memory-diag It’s third time lucky for this post… a couple of weeks ago I was at our big training event “tech-ready”, and my laptop blue screened on me, citing memory as the cause. On my return I started to write this post and came back to find the laptop had rebooted after a crash. Within 24 hours it had done it a second time, and I saw it do it third time with memory getting the blame at a blue screen. I ran the on-board diagnostics which told me there was nothing wrong but the Windows 7 memory diagnostic came back with the message you can see. So it looks like the laptop needs a bit more TLC from Dell. Fortunately I have a spare carcass I can put my hard disk into so I’m not totally stranded. It’s also reminded me that the auto-save option in Windows live writer is not on by default.

I don’t much like spending time away from home these days, queuing for airport security is a chore (in fact there is very little fun in flying) and the fight is a huge part of my annual carbon footprint, so going to Seattle for Tech-Ready is something which makes me stop and think: and each time I decide that it is still worth going . Sometimes it is the chance to network with colleagues from round the world I just wouldn’t get to hang out with , sometimes it is the deep technical content, sometimes it is the ability of people like Ray Ozzie to just engage me with ideas. Often it’s a combination. I was mighty impressed with Ray’s first appearance last year, and this year we got a taste of some ideas which will end up in products soon, some that are on a slower burn, and some we’ll look back on as an interesting flight of fancy. Of the “wow” demos we saw it’s not always possible to predict which will end up in which group. Ray quoted Steve Ballmer saying something like “We’re not going to go home, we’re going to keep coming and coming and coming” – which has echoes of the Blue Monster about it. Ray put it a different way: yes the economy is bad and we’re not immune to it, but if we cut back on R&D then … we he didn’t actually use the words  “you'll regret it. Maybe not today. Maybe not tomorrow, but soon and for the rest of your life.”* but that was what it came down to.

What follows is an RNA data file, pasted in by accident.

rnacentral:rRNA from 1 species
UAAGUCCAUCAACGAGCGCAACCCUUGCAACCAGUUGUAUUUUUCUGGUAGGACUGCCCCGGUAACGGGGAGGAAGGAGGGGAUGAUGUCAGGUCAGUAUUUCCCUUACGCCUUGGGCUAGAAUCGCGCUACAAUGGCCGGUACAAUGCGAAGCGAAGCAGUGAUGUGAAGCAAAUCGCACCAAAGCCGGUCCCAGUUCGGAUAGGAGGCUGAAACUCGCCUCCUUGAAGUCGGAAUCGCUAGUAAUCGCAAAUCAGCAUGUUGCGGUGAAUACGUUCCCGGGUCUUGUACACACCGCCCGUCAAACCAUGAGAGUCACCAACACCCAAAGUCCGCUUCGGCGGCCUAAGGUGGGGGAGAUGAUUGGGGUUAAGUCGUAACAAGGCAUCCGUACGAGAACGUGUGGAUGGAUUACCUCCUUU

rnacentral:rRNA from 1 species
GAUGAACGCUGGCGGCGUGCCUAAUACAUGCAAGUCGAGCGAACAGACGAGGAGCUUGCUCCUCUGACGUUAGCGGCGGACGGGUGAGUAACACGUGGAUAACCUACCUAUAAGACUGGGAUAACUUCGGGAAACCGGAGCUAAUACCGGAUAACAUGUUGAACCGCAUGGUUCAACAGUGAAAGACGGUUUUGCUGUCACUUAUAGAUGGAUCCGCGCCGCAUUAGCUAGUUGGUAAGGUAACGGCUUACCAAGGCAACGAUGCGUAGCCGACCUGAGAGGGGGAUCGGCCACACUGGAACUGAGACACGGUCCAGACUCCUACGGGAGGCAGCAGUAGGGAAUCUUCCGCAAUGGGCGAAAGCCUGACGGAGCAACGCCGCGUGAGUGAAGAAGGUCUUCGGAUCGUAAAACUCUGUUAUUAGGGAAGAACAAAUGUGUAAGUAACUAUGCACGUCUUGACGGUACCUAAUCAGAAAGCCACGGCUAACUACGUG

If Ray was the big vision then Mark Russinovich had some of the best detail, and he talked about core parking in Server 2008 R2. It dawned on me that Research isn’t just about some of the blue sky stuff that we saw in Ray’s session, it is sometimes about going back to problems you thought you’d solved: like the process scheduler.

When I studied Computer Science at university in the mid 1980s we covered the theory of operating system design and I still have the text book. It describes the job of the process scheduler like this

  1. [Decide if] the current process on this processor is still the most suitable to run. If it is return control to it, otherwise …
  2. Save its volatile environment (registers, instruction pointer etc)
  3. Restore the volatile environment of the most suitable process
  4. Return control to that process